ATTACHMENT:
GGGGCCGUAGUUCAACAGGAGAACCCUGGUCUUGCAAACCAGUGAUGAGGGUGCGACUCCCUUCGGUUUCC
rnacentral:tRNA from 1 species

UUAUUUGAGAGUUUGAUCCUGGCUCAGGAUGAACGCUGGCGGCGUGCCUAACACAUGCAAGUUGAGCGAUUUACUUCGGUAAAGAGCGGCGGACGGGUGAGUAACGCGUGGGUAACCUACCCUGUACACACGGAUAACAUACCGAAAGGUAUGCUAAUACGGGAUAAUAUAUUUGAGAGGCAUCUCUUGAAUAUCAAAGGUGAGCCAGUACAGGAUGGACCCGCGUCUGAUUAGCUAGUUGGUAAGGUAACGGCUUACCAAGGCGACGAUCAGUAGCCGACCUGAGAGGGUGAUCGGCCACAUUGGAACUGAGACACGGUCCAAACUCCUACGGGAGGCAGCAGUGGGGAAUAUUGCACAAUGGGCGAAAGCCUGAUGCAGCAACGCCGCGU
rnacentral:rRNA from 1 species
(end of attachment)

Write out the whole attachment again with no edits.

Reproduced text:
GGGGCCGUAGUUCAACAGGAGAACCCUGGUCUUGCAAACCAGUGAUGAGGGUGCGACUCCCUUCGGUUUCC
rnacentral:tRNA from 1 species

UUAUUUGAGAGUUUGAUCCUGGCUCAGGAUGAACGCUGGCGGCGUGCCUAACACAUGCAAGUUGAGCGAUUUACUUCGGUAAAGAGCGGCGGACGGGUGAGUAACGCGUGGGUAACCUACCCUGUACACACGGAUAACAUACCGAAAGGUAUGCUAAUACGGGAUAAUAUAUUUGAGAGGCAUCUCUUGAAUAUCAAAGGUGAGCCAGUACAGGAUGGACCCGCGUCUGAUUAGCUAGUUGGUAAGGUAACGGCUUACCAAGGCGACGAUCAGUAGCCGACCUGAGAGGGUGAUCGGCCACAUUGGAACUGAGACACGGUCCAAACUCCUACGGGAGGCAGCAGUGGGGAAUAUUGCACAAUGGGCGAAAGCCUGAUGCAGCAACGCCGCGU
rnacentral:rRNA from 1 species